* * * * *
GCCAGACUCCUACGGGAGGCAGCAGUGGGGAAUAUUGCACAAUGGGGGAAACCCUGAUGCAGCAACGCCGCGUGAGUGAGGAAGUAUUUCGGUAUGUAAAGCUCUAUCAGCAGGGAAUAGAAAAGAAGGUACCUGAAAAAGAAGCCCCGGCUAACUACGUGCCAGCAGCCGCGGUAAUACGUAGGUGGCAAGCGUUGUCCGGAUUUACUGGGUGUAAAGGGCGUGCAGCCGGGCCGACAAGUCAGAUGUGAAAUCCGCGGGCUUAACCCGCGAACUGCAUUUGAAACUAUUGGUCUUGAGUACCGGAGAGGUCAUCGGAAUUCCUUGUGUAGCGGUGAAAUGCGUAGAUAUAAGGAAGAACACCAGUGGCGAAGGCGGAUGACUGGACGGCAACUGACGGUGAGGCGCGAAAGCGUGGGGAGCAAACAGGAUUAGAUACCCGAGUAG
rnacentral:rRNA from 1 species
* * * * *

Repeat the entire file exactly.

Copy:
GCCAGACUCCUACGGGAGGCAGCAGUGGGGAAUAUUGCACAAUGGGGGAAACCCUGAUGCAGCAACGCCGCGUGAGUGAGGAAGUAUUUCGGUAUGUAAAGCUCUAUCAGCAGGGAAUAGAAAAGAAGGUACCUGAAAAAGAAGCCCCGGCUAACUACGUGCCAGCAGCCGCGGUAAUACGUAGGUGGCAAGCGUUGUCCGGAUUUACUGGGUGUAAAGGGCGUGCAGCCGGGCCGACAAGUCAGAUGUGAAAUCCGCGGGCUUAACCCGCGAACUGCAUUUGAAACUAUUGGUCUUGAGUACCGGAGAGGUCAUCGGAAUUCCUUGUGUAGCGGUGAAAUGCGUAGAUAUAAGGAAGAACACCAGUGGCGAAGGCGGAUGACUGGACGGCAACUGACGGUGAGGCGCGAAAGCGUGGGGAGCAAACAGGAUUAGAUACCCGAGUAG
rnacentral:rRNA from 1 species